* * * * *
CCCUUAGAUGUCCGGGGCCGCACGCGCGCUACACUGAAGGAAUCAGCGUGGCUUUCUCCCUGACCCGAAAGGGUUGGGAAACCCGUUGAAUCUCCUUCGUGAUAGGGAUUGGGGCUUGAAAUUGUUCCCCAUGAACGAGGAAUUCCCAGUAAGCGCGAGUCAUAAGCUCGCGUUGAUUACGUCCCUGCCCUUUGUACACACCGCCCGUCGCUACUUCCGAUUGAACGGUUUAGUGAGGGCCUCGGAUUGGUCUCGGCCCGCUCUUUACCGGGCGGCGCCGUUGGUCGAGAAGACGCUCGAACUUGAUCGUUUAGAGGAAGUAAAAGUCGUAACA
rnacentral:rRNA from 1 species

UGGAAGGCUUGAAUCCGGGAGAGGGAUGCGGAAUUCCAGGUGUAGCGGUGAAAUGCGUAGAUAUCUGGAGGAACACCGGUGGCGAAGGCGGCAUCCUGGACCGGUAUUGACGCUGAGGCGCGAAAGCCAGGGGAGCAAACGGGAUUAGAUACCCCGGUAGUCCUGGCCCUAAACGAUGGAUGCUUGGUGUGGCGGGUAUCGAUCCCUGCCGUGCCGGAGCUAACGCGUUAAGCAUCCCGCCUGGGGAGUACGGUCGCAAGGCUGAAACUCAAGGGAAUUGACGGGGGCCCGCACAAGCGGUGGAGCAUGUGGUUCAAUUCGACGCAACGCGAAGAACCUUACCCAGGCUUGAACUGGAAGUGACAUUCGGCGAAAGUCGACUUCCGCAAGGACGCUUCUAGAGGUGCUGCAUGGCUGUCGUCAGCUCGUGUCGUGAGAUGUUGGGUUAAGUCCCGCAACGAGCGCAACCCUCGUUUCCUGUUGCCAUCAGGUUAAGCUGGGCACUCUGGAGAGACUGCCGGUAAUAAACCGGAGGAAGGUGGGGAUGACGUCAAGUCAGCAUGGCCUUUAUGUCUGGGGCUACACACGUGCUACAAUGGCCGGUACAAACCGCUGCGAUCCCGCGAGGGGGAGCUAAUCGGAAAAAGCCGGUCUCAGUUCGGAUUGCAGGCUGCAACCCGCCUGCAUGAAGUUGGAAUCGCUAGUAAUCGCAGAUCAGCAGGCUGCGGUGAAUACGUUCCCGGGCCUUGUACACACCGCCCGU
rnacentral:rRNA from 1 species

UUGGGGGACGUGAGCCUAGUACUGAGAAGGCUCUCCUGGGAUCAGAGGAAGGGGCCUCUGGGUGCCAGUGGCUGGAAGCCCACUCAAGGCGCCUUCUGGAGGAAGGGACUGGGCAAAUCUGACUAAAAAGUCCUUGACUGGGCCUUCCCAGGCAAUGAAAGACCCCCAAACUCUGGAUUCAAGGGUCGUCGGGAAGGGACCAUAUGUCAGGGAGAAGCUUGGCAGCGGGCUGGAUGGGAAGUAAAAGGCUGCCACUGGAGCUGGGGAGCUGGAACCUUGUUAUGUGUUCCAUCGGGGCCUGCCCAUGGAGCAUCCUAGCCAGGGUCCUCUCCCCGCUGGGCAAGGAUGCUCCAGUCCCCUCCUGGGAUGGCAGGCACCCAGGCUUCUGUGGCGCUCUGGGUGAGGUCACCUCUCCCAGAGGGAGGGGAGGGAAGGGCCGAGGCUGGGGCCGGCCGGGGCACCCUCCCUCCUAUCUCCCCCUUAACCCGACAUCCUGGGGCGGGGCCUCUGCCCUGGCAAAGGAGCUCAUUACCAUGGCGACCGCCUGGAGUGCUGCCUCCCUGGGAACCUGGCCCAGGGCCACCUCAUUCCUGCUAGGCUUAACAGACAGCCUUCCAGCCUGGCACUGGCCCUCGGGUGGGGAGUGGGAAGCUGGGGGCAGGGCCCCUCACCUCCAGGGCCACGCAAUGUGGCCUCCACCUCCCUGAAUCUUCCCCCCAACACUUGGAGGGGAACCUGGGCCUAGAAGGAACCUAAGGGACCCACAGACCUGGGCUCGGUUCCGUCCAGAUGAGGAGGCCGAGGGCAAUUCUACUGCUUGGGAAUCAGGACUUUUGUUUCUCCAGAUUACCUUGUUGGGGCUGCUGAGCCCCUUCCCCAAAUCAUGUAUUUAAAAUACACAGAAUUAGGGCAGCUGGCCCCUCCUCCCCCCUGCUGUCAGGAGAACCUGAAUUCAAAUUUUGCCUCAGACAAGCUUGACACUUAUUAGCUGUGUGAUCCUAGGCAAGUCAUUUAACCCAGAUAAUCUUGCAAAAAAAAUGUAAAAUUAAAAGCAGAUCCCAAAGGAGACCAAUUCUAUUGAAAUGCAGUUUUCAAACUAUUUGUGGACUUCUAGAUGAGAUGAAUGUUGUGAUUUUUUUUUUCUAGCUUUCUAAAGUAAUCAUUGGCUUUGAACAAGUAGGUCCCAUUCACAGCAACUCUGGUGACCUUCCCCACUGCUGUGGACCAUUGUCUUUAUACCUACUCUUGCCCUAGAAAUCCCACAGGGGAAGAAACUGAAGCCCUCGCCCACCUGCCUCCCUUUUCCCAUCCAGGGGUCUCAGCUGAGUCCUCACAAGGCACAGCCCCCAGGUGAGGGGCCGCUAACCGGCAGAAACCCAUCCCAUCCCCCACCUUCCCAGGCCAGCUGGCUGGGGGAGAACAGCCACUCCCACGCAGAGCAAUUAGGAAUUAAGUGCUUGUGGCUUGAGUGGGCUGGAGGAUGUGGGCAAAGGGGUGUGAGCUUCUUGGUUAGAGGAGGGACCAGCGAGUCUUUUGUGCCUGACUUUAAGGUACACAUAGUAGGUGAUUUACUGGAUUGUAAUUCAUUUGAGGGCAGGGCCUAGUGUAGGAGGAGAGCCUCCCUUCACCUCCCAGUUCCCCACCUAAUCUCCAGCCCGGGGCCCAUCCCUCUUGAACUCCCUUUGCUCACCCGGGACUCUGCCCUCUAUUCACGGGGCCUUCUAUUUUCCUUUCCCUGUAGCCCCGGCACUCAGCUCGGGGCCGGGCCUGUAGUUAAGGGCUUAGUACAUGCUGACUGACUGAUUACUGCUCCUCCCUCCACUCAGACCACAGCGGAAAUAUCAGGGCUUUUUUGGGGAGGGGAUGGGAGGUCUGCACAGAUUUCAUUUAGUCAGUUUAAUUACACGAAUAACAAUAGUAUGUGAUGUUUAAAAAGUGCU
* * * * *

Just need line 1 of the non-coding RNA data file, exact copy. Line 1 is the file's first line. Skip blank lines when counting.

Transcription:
CCCUUAGAUGUCCGGGGCCGCACGCGCGCUACACUGAAGGAAUCAGCGUGGCUUUCUCCCUGACCCGAAAGGGUUGGGAAACCCGUUGAAUCUCCUUCGUGAUAGGGAUUGGGGCUUGAAAUUGUUCCCCAUGAACGAGGAAUUCCCAGUAAGCGCGAGUCAUAAGCUCGCGUUGAUUACGUCCCUGCCCUUUGUACACACCGCCCGUCGCUACUUCCGAUUGAACGGUUUAGUGAGGGCCUCGGAUUGGUCUCGGCCCGCUCUUUACCGGGCGGCGCCGUUGGUCGAGAAGACGCUCGAACUUGAUCGUUUAGAGGAAGUAAAAGUCGUAACA